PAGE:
A State friend of mine asked me a decade or more ago that if Ole Miss was trying to win in baseball, where would they fit? Who would they displace? His State bunch was rolling year after year. LSU was dominant. Alabama and Auburn had solid programs. Arkansas was competitive.
Where would the Rebels fit? Who would they move out so they could move in?
Not necessarily anybody. Yes State is down from what it was in the 80s and 90s, but not by all that much really. If you watched those games this weekend, you'd see that. A war from first pitch Thursday to last out Saturday.
What has happened in the SEC is several-fold. Programs like Ole Miss and South Carolina, which back then bordered on winning, hired new coaches in Mike Bianco and Ray Tanner and put more emphasis on the sport administratively. Programs like Vanderbilt and Kentucky followed their lead with the hiring of Tim Corbin and John Cohen respectively.
Arkansas replaced longtime coach Norm DeBryn with his former assistant and Nebraska's head coach at the time Dave Van Horn. Jim Wells has had a strong program at Bama since 1995 with a couple of CWS appearances.
Georgia, the national champ in 1990, fell on some rough times and called on Ron Polk to help out. In his second of two years there, he got them to Omaha. They've remained competitive with Dave Perno.
Florida was national runnerup last season under Pat McMahon. This year was a surprisingly bad one for the Gators. It will be interesting to see how they do next season. AD Jeremy Foley doesn't allow for mediocrity for long before he considers a change.
Bottom line. About 10 years ago other SEC schools looked around at what MSU and LSU and a couple of others were beginning to do in baseball and decided to join the fun. Baseball is serious business all across the board in the SEC now. Don't believe it, just take a look at the SEC tourney field.
Florida and Tennessee, both in the CWS last season, along with State and Auburn (both in the CWS in the late 1990s), aren't attending the eight-team bash. Ole Miss, Kentucky, and Vanderbilt, just a decade ago thought by many to be maybe the bottom three teams in the league based on their lack of postseason productivity, are in Hoover.
Since the SEC went to the current tourney format in 1996, Ole Miss has been there in 1999, 2001, 2003, 2004, 2005, and 2006. MSU has missed out two of the last three seasons.
So to answer the question of my State friend on where Ole Miss might fit? It's a year to year thing now and you have to recruit well, play hard, and get some breaks, or you'll be left out. It's a monster league in all sports, and baseball is no exception.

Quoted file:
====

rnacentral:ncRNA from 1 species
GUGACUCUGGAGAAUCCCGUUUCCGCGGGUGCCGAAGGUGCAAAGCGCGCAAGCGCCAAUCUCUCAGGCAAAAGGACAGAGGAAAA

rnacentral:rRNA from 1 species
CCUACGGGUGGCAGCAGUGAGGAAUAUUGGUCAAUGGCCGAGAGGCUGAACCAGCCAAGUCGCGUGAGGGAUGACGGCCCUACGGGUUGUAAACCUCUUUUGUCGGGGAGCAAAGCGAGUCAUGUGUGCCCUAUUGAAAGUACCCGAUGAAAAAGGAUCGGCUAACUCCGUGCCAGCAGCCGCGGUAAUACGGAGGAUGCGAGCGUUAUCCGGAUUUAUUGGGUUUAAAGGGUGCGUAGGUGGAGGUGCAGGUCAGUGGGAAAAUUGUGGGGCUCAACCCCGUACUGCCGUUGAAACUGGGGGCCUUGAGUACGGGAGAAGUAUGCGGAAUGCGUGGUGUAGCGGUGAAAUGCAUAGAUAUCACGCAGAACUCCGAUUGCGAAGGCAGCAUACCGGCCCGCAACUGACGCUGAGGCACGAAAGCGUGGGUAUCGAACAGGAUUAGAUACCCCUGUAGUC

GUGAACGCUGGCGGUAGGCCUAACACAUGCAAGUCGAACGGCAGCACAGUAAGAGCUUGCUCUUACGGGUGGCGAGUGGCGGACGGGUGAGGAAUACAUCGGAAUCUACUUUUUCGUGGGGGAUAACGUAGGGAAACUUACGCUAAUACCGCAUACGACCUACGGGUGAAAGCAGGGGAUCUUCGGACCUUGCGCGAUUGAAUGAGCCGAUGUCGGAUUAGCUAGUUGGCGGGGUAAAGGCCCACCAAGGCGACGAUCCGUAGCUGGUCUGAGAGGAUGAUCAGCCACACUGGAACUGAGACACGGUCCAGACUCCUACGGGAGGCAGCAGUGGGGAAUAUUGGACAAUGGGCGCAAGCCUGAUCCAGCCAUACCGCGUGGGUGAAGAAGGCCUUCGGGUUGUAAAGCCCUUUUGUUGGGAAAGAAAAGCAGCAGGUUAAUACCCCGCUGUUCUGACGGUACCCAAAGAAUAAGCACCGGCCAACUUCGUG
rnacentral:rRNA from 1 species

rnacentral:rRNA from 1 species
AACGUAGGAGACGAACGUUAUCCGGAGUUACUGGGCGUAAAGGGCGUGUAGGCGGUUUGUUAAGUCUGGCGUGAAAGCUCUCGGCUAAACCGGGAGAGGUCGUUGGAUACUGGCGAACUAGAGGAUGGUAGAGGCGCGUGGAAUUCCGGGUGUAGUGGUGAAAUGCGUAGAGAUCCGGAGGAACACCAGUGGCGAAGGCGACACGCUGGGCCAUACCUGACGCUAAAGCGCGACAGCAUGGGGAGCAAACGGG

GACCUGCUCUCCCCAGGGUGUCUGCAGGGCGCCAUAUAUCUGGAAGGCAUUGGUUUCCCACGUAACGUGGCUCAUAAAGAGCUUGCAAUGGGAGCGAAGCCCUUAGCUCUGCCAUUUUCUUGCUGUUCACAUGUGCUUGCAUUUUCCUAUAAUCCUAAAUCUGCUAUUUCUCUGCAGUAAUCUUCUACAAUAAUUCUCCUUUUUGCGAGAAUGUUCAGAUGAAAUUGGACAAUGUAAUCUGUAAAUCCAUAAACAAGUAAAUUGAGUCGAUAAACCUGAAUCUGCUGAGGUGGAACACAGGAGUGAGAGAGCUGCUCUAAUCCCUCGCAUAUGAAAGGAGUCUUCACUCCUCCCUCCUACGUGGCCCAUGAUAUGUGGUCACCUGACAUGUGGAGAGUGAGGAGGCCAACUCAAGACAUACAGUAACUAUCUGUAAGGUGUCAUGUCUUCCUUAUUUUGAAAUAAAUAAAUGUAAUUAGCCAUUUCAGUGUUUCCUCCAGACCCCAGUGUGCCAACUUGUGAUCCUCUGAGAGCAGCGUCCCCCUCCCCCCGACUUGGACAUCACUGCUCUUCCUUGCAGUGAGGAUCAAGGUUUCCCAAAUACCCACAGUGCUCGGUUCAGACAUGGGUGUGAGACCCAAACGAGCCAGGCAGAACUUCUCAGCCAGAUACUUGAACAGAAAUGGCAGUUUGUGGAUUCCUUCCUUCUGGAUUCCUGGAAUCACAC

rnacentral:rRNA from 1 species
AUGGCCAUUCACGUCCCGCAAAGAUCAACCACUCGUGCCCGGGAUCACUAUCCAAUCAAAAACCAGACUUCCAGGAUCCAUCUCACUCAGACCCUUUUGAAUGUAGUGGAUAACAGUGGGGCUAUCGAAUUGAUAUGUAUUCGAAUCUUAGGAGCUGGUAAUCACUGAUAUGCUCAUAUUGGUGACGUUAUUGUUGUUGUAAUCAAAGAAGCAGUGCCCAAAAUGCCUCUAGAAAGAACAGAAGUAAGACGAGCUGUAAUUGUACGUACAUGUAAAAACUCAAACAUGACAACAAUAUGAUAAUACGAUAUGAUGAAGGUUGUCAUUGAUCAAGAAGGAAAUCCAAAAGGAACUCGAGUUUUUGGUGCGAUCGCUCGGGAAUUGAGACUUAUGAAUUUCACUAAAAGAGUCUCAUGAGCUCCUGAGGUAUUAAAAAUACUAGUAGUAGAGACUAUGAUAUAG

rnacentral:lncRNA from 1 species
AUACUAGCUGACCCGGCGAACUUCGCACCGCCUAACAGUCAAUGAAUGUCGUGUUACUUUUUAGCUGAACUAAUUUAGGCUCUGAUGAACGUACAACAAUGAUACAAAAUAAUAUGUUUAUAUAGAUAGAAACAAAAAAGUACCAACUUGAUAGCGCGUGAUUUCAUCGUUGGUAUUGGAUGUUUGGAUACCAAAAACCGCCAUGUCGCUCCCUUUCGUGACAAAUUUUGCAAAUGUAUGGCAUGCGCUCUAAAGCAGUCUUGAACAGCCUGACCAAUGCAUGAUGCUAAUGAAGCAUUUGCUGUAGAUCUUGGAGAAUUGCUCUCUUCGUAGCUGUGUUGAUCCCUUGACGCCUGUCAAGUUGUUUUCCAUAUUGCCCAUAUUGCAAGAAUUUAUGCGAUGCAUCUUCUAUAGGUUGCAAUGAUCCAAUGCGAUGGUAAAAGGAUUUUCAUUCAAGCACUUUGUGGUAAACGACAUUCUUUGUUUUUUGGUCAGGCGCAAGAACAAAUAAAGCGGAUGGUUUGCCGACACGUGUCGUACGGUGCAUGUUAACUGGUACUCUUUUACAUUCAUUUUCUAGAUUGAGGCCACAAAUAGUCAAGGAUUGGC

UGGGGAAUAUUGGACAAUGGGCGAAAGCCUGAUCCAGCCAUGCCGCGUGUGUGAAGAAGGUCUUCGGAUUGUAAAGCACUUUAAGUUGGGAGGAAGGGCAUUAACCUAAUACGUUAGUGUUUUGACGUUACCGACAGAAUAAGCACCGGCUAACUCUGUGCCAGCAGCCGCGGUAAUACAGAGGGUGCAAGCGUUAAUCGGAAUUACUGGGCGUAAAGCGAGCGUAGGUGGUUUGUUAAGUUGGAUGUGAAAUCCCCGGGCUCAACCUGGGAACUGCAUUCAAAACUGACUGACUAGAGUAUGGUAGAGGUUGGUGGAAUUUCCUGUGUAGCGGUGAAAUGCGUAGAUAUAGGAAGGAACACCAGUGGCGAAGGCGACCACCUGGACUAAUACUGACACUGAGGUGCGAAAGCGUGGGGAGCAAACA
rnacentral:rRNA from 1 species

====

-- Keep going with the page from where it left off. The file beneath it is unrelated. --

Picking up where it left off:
MSU, LSU, Auburn, Florida, Tennessee and some of the other teams that found the going easier in years past aren't finding it that way anymore. Even Alabama failed to make the SEC tourney just a couple of years ago.
Things are tough all over and it's good to know the Rebels are in the mix year in and year out. State wasn't going down this weekend without a fight. We saw that until it was all over with Alex Presley's catch in deep center of a long fly ball.
It calls for a toughness that Bianco and staff have brought to the entire program, along with the kids they have brought in. That was one tough performance the Rebels finished with Saturday. A lesser bunch might have folded in that difficult environment as things began to slip.
Every school in the league now knows how tough it is and what it takes to win and to get to postseason. It's a fine line and a fight to the finish.
And now the Rebels play on.
Cody Satterwhite stood on the mound to finish off the Bulldogs Saturday. I wrote Thursday that the Rebels would get State's best shot this weekend but that the Rebels would give ‘em their best right back. It turned out that way.
Ole Miss led 5-1 and then got State's best shot into extra innings Thursday before Satterwhite, the true freshman from Hillcrest, got the win, his 10th of the season. Friday the Bulldogs said basically ‘We ain't done yet' and rolled. The Rebels got their best shot indeed that night.
Saturday with the series on the line, Ole Miss got out to the quick 4-0 start, giving it right back to the Bulldogs from Friday night's setback. Up 13-5, they got State's best again as the Bulldogs scored six runs to make it a nail-biter.
But Satterwhite came through again and got the save for the Rebels and for another fellow true freshman pitcher Lance Lynn.
Satterwhite was eager to talk about the rivalry and Ole Miss' recent dominance Thursday night even without being asked. He did the same thing Saturday after Ole Miss had posted its 10th win in the last 13 meetings with the Bulldogs.
It's the same type mentality Stephen Head brought to the program, that he understood the rivalry and what it means and how he wanted to be a part of the winning, dominant program in the state.
Listen to Cody. Almost sounds like Stephen.
"It's big. It gives us momentum going into the (SEC) Tournament. It's big to get two out of three here. It's a huge statement for me, because I grew up with this rivalry. It's big to me and to the whole team to be able to say we're No. 1 in the state."
To be out there on the Dudy Noble Field mound like his former Hillcrest teammate was two years ago was very pleasing to Cody.
"I want to be in that situation," he said after Ole Miss completed its third straight SEC series win over MSU. "That's where I want to be, right out there with things riding on your shoulders and you having to get people out. My team is confident in me and I'm confident in them. It's a team effort as we go out there and get it done."
Sounds just like Head, huh. As pitching coach Kyle Bunn said Thursday night, Satterwhite isn't a true freshman anymore. The young Rebel and his teammates have grown up.
The SEC: one tough league; Satterwhite speaks
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